Feminism doesn’t have to be pretty

Women are facing standards they must reach in order to be treated with respect. These standards oftentimes echo ideal femininity, and it’s time to examine how makeup contributes to this ideal.

Photo via Amber Avalona under Creative Commons license

Women are facing standards they must reach in order to be treated with respect. These standards oftentimes echo ideal femininity, and it’s time to examine how makeup contributes to this ideal.

Here’s a hot take: makeup is not synonymous with female empowerment, and women should stop letting corporations swindle them into thinking that any sort of purchase can be an expression of activism.

Feminism has taken pop culture by storm. It’s made itself palatable to the average woman as society progresses, and as she moves out of the confines of traditional gender roles. This effect is only amplified by the movement’s utilization of social media and the internet. Overall, it’s positive, as more women becoming active in the fight is possibly the biggest asset feminism has.

The ideas of feminism have to be packaged nicely in order to appeal to the general public, and this has manifested negatively on many different fronts.”

— A&E co-Editor Blythe Terry

But there have been some costs. The ideas of feminism have to be packaged nicely in order to appeal to the general public, and this has manifested negatively on many different fronts. For one, it’s why you’ve seen a shift in how feminism is discussed, specifically the proclamation that feminism is for both men and women, and that feminists are not revolutionaries but merely want equality between the sexes. That’s fine, of course, and true. But it’s a gross over-simplification. How did feminism transform from a loud, unabashed movement for women’s liberation to something that almost seems to put men’s comfort (thus the “Don’t worry, it’s about you, too” language) over women’s rights?

It’s all about the appeal. Perhaps from a strictly logical perspective, certain elements of a movement should be sacrificed in exchange for actual progress, or for the support of allies. That’s a whole other debate entirely, but regardless, feminism has been given a whole new brand. Problematically, as feminism enhances its marketability, the beauty industry has found a way to profit.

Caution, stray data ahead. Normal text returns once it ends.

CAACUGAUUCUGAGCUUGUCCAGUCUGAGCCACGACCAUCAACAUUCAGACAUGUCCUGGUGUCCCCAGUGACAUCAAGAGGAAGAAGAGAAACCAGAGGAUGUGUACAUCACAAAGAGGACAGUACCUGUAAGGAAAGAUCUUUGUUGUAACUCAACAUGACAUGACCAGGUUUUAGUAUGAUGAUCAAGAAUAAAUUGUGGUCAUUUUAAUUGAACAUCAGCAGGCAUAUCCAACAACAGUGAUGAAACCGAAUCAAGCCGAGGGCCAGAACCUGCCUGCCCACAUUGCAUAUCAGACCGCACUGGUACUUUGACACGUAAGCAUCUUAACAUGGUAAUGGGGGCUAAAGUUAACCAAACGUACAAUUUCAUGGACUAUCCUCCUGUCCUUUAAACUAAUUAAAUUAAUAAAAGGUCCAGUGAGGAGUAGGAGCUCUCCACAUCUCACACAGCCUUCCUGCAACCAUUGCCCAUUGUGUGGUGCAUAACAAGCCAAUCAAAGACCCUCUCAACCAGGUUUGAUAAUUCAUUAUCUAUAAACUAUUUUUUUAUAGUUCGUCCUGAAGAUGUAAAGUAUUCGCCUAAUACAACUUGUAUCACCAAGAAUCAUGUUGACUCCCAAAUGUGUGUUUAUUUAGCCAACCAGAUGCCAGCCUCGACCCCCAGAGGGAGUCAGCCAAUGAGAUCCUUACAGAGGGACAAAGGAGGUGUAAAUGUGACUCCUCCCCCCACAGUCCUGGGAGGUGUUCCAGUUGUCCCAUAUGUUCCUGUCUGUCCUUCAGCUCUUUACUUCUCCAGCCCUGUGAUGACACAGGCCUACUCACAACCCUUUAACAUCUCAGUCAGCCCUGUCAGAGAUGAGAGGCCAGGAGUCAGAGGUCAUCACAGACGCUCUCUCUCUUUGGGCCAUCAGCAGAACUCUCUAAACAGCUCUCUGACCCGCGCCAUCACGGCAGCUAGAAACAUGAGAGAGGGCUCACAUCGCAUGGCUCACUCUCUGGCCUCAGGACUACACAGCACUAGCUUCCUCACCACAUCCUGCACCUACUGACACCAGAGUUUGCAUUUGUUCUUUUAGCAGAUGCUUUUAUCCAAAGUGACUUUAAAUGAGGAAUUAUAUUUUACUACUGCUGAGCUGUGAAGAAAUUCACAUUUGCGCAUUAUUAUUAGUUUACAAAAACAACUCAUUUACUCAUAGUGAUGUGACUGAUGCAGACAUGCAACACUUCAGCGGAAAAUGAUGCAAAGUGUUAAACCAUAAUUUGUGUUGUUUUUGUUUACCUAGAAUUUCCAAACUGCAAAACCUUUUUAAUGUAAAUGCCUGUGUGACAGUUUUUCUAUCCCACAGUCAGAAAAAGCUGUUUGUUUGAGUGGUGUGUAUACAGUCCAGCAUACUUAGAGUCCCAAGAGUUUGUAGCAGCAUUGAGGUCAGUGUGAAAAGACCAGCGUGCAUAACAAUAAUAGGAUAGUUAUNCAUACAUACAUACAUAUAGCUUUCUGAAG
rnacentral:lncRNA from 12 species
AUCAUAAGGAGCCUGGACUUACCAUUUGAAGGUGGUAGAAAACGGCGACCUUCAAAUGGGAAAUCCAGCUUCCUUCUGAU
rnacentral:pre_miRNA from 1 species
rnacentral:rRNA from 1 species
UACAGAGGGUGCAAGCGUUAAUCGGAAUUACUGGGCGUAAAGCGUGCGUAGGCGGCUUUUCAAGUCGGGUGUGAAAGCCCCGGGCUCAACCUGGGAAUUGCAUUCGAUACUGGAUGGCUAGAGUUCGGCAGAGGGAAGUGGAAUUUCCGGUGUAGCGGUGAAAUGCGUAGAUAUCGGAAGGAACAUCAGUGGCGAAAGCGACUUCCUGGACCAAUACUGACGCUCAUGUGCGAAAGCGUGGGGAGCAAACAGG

Makeup and beauty companies are becoming painfully aware that the typical strategies don’t work on the modern woman. The adjustments are often times cringe-worthy, whether it’s ads about “slaying” with your eyeliner or being “unapologetic” about your perfect, shiny hair. The ad campaigns are everywhere, but the empowerment they promise is only skin deep.

Corporations, by and large, don’t care about equality. Whether women want to face it or not, makeup companies by nature profit off of insecurity. It’s why women in makeup ads are still models, and why the norm for women is simply unreachable. Women wanting to hide themselves is how these CEOs stay rich. They rely on stopping feminism dead in its tracks. It’s just the hard truth of the matter. Yes, makeup can be art. Yes, people can wear makeup solely for themselves — but it’s important to understand the larger dynamic.

Some facets of the movement have reveled in this idea of a progressive beauty industry, and as a result have crafted the aesthetic of feminism in a way that comforts them. This is an aesthetic defined by stereotypical femininity. It doesn’t help that conventionally feminine and attractive women are the ones afforded platforms, who have the ability to shape feminism, and now there’s a clear image of what “feminism” looks like.

This is where the problem comes in. Associating makeup, and by extension hyperfemininity, with feminism is a mistake. Even if makeup is a phenomenon experienced by many women, it does not define womanhood, and to insinuate so is to disinclude the women who need feminism the most. The women who don’t improve themselves, who just exist, are not taken seriously in today’s society. Not wearing makeup is seen as inappropriate in public space, and especially when women are seeking opportunity and success. Defining feminism as the purchase of beauty products works against these women. More broadly, it makes the equality today’s feminists advertise inaccessible unless you look a certain way.

[T]he reasoning behind women’s actions and the reasoning behind their purchases do have an impact on other women, particularly young girls.”

— A&E co-Editor Blythe Terry

The solution is complicated. First, it’s important to understand that the ads won’t change. In America’s immutable capitalist society, these companies will always have the same primary motivations. The next step for women’s liberation is not the CEOs, but the average women who proclaim their status as feminists.

It’s time to recognize why we wear makeup. Beauty and makeup products themselves mean nothing, and what you do to your own body is a right that should be protected. That being said, the reasoning behind women’s actions and the reasoning behind their purchases do have an impact on other women, particularly young girls. There’s been a lot of talk about what makes a “bad feminist,” and the conversation has left a lot of things uncertain, but I’d say complacency is pretty high on the list.

So does this mean that women should stop wearing makeup? Certainly not. What should be achieved, however, is a change in consciousness. This is the only way to change the fabric of society in the future, to teach the girls of today differently than we were taught.